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And More Letters

Against the Current Terry McIver, in his letter to the editor Spring 2004), contributes nicely to the bilious literature of exclusion and self-annointment that never stops from these people so desperate to believe that every word in the Bible is gold. And there’s the problem, isn’t it? The more the world’s problems call out for solutions grounded in some divinely inspired imagination, the more people like Mr. McIver try to wrench us all back to the past. And so we beat on, as Fitzgerald says, boats against the current. Hank Bunker

Memorable Tour After seeing my dentist, Dr. William Glockner, about every six months for nine years, I was aware that he was a graduate of the Xavier class of 1982.

We talked many times about Xavier and toyed with the idea of a personal tour of the updated campus. After seeing Dr. Glockner on March 9, we made plans to do that on March 12. After picking him up, we talked at length about people that stood out in his memory. Because I had been on campus since 1983, I was able to update his information on many of the people that he remembered.

As soon as we arrived, the adventure began. We toured Edgecliff, Schmidt and Hinkle halls. We stopped at the bursar’s office and continued on toward Albers.

Bill had mentioned a professor that he remembered well, so without saying anything, I took him to an office in Albers Hall. We went into the office of Carolyn Chambers. Chambers stood and after not seeing him since 1982, amazingly said, “Bill Glockner.” They had a great reunion and conversation, and then we went on our way.

We toured Gallagher, Buenger, The Commons and Cintas. We met Gene Carmichael, S.J., on the mall and they remembered each other and had a great conversation. Fr. Carmichael was one of the people that we had previously discussed.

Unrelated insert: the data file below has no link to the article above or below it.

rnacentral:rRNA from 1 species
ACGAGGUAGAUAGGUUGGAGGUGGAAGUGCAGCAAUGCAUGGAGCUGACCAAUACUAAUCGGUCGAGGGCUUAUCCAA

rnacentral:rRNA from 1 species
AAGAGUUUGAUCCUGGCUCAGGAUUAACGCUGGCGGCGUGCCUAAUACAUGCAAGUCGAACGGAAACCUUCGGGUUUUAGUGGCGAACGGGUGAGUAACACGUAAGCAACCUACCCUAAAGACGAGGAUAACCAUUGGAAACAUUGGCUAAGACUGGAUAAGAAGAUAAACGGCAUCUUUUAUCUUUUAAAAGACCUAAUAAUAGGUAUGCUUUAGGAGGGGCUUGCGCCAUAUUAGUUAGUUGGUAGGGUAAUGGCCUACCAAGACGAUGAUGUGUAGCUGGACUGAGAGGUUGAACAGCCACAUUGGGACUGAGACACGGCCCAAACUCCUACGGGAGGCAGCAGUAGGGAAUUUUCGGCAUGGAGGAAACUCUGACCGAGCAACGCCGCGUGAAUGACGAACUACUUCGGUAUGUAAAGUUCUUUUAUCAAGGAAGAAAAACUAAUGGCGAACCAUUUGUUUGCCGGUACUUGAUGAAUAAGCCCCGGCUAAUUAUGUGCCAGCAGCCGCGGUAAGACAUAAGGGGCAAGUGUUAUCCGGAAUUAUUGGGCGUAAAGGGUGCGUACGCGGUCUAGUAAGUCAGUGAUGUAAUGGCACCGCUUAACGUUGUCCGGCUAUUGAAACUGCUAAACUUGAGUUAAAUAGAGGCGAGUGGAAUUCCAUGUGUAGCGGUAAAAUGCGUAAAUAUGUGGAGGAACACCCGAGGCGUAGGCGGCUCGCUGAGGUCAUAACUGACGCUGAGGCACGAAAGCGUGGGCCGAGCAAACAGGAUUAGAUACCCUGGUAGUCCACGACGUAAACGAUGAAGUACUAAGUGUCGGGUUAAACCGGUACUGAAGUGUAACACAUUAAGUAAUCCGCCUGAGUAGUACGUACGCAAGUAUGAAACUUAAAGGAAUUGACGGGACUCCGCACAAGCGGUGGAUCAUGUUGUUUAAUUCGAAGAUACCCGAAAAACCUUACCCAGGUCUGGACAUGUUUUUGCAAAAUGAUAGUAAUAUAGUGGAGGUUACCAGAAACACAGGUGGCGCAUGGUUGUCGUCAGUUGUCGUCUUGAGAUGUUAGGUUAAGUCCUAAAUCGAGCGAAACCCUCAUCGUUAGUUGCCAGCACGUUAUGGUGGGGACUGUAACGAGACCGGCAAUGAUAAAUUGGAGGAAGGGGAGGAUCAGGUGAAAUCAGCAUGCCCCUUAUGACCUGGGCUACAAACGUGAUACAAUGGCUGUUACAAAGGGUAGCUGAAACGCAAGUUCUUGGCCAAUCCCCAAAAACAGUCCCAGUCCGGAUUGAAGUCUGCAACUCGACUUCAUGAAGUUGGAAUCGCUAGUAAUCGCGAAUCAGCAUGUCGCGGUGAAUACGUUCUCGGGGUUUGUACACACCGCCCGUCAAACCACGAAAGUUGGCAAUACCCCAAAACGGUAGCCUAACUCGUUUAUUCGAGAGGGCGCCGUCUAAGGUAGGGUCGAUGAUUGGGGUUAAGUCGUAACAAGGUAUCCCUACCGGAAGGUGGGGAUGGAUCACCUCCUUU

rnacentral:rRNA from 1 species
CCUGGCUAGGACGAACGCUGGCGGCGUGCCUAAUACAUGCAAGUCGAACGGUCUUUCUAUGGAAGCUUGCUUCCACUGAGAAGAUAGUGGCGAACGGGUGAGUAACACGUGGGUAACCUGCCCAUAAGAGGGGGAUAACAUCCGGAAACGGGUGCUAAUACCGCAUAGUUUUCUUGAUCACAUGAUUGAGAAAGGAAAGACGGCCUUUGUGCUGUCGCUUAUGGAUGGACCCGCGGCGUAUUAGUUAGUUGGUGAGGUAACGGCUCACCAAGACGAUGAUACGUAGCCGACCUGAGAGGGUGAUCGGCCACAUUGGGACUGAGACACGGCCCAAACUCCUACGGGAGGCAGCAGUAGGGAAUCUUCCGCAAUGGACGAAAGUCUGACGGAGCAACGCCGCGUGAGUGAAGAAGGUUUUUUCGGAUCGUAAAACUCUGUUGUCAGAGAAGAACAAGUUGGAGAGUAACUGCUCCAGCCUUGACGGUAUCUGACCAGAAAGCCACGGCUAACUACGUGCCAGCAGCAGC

I next took him to a home on Ledgewood to surprise him by seeing one of his favorite professors. We rang the bell and the door was opened by retired professor John Hart. He recognized us both and he remembered Bill from 1982. An atmosphere of elation came forth when they began discussing 1982 and when Bill was his student. After exchanging telephone numbers and e-mail addresses, we left and talked about our visit all the way home.

This experience points out the great care and thoughtfulness of the teaching staff at Xavier toward their previous students, and their warmth made this experience very exciting for both of us. Bill Dishon

Simplifyng Matters I was surprised at your article on killing in the name of religion [For God’s Sake, Spring 2004]. This is a very simple issue and I don?t understand why it has to appear so complicated. People kill for various reasons, none of which have anything to do with God. The killers simply use God as an excuse. In our country we see examples of this when snipers fell abortion doctors in the name of Jesus.

Terrorists are likely psychopaths using God as an excuse. Wars are often caused by psychopaths. The psychopathic leaders build Armies with other psychopaths, those in fear of not joining the army and those in fear of being overtaken. Mob psychology often contributes to the carnage because the individuals no longer feel responsible and have less fear in the group.

As stated in the article, God is a god of love. The best we can do is to strive to love each and every person, friend and foe alike.Joel DiGirolamo, MBA ’81 Lexington, Ky.

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